Representing a Business in Virginia Courts

Home » Insights » Representing a Business in Virginia Courts

by | October 17, 2018

Virginia Code requires that a business retain an attorney to litigate a matter, whether it is criminal or civil, in a Virginia General District Court or Virginia Circuit Court. Virginia Code § 16.1-88.03 provides:

Nothing in this section shall allow a nonlawyer to file a bill of particulars or grounds of defense or to argue motions, issue a subpoena, rule to show cause, or capias; file or interrogate at debtor interrogatories; or to file, issue or argue any other paper, pleading or proceeding not set forth in subsection A.

While the statute provides for some nuance, the bottom line is that an attorney is required to do anything other than the most basic of filings.

This can present a variety of obstacles to a business. First, cost may be an issue for a low dollar amount claim, where the potential judgment may be equal to or less than the attorney fees. Second, a business that is sued may be forced to retain an attorney on short notice with little time for assessing potential attorneys. Third, a business that is not initially represented by an attorney may make missteps that are difficult to recover from later in the course of litigation.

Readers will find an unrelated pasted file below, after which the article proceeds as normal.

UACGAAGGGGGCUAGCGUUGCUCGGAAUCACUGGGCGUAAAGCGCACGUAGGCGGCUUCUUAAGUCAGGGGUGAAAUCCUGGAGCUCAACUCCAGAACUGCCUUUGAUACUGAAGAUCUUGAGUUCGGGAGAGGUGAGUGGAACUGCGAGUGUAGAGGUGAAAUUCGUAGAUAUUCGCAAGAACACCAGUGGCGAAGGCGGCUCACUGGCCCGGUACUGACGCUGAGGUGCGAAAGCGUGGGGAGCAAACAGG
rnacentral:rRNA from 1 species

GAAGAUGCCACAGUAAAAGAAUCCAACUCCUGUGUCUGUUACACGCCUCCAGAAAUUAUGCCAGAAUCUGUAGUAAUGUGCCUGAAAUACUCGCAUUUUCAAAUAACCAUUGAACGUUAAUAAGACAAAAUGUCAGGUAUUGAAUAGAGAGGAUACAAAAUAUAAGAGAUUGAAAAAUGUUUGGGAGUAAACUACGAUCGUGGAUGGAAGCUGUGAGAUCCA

With these potential concerns in mind, a business should consult with attorneys and develop a solid working relationship prior to the onset of litigation. Meaning, find a good attorney who works for your business now, whether you think you may need an attorney or not. If you need a consultation for your Virginia business representation needs, contact our office to arrange for a consultation.